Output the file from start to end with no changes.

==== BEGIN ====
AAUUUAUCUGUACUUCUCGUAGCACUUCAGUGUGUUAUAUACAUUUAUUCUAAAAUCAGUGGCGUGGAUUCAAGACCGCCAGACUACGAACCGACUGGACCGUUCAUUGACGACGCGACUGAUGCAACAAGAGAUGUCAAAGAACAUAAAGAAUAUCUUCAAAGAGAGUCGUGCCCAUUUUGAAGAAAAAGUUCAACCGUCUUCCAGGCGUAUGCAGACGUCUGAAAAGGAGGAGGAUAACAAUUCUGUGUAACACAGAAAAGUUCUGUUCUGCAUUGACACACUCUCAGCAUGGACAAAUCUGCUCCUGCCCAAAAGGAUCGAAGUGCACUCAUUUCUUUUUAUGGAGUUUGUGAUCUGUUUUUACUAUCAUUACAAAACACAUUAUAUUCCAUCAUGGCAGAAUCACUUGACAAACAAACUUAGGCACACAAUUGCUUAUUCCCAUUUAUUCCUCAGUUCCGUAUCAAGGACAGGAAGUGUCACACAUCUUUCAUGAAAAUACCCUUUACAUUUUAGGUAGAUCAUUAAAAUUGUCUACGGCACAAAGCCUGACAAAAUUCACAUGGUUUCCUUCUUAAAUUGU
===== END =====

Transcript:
AAUUUAUCUGUACUUCUCGUAGCACUUCAGUGUGUUAUAUACAUUUAUUCUAAAAUCAGUGGCGUGGAUUCAAGACCGCCAGACUACGAACCGACUGGACCGUUCAUUGACGACGCGACUGAUGCAACAAGAGAUGUCAAAGAACAUAAAGAAUAUCUUCAAAGAGAGUCGUGCCCAUUUUGAAGAAAAAGUUCAACCGUCUUCCAGGCGUAUGCAGACGUCUGAAAAGGAGGAGGAUAACAAUUCUGUGUAACACAGAAAAGUUCUGUUCUGCAUUGACACACUCUCAGCAUGGACAAAUCUGCUCCUGCCCAAAAGGAUCGAAGUGCACUCAUUUCUUUUUAUGGAGUUUGUGAUCUGUUUUUACUAUCAUUACAAAACACAUUAUAUUCCAUCAUGGCAGAAUCACUUGACAAACAAACUUAGGCACACAAUUGCUUAUUCCCAUUUAUUCCUCAGUUCCGUAUCAAGGACAGGAAGUGUCACACAUCUUUCAUGAAAAUACCCUUUACAUUUUAGGUAGAUCAUUAAAAUUGUCUACGGCACAAAGCCUGACAAAAUUCACAUGGUUUCCUUCUUAAAUUGU